Our research interests lie in understanding the fundamental interactions in nature: electromagnetic, weak, strong and gravitational forces.

Quantum Field Theory

Quantum field theory provides a unified description the first three fundamental interactions — the Standard Model of Elementary Particles.

Quarks and leptons form the fundamental building blocks of matter. Arranged in three generations, the first generation contains the most stable particles that constitute all stable matter in the Universe. Quarks exist in three different “colors” and combine to form colourless entities. Leptons, including the electron, muon, tau, and their respective neutrinos, exhibit different electric charges and masses.

Four fundamental forces govern the Universe: gravity, electromagnetic, weak and strong forces, each varying in strength and range. Three of these forces, excluding gravity, result from the exchange of bosons, particles that transfer energy in discrete amounts. The strong, electromagnetic, and weak forces are carried by the gluon ($g$), photon ($\gamma$), and $W$ and $Z$ bosons respectively.

The Higgs boson ($H$), a key element in the Standard Model, is pivotal to understanding the origin of particle mass. This particle, theorized by Peter Higgs and others, was finally discovered at CERN’s Large Hadron Collider in 2012. Its detection verified the existence of the Higgs field, an energy field pervading the universe. When other elementary particles interact with this field, they acquire mass, with more interaction leading to greater mass. Although the Higgs boson’s discovery fills a crucial gap in the Standard Model, the theory still doesn’t incorporate gravity and leaves numerous fundamental questions unanswered.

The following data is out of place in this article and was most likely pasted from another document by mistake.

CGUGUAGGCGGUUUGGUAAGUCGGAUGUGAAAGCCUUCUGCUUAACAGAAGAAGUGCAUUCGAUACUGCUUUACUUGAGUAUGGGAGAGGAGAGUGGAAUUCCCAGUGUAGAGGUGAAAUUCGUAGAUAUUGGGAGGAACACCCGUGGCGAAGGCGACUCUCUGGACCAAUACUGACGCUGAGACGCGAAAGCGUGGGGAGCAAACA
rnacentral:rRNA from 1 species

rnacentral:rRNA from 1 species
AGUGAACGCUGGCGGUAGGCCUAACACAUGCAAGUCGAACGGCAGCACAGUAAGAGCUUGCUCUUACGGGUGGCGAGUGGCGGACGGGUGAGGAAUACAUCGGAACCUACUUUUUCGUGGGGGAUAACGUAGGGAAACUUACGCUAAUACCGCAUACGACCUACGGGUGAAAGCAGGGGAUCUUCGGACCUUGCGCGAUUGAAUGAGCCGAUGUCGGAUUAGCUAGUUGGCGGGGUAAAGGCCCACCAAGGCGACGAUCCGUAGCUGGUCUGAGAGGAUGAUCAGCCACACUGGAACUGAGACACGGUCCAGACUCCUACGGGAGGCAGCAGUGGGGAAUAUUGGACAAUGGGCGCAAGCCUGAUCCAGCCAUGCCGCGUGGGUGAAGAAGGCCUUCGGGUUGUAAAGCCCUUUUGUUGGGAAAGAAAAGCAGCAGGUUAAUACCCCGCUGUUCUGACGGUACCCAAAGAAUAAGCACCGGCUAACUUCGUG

Einstein’s General Relativity

General Relativity, a profound theory put forth by Albert Einstein in 1915, reshapes our understanding of the universe’s most fundamental aspects. Physicist John Archibald Wheeler beautifully summed it up: “Spacetime tells matter how to move; matter tells spacetime how to curve.”

Let’s break this down. Picture a stretched sheet representing spacetime, the combined entity of the three dimensions of space and one of time. Place a heavy object, like a bowling ball (representing a massive celestial body), on it. It will sink down, distorting the sheet. This is matter telling spacetime how to curve.

Now, if you roll a smaller ball (a less massive object) onto the sheet, it will naturally travel along the curve towards the larger object, as though drawn by an invisible force. This is spacetime telling matter how to move. In essence, what we perceive as gravity is just this interaction between matter and curved spacetime.

Einstein’s General Relativity is an elegant interplay of matter and spacetime that helps us comprehend the deepest mysteries of the universe, from the motion of galaxies to the behavior of black holes.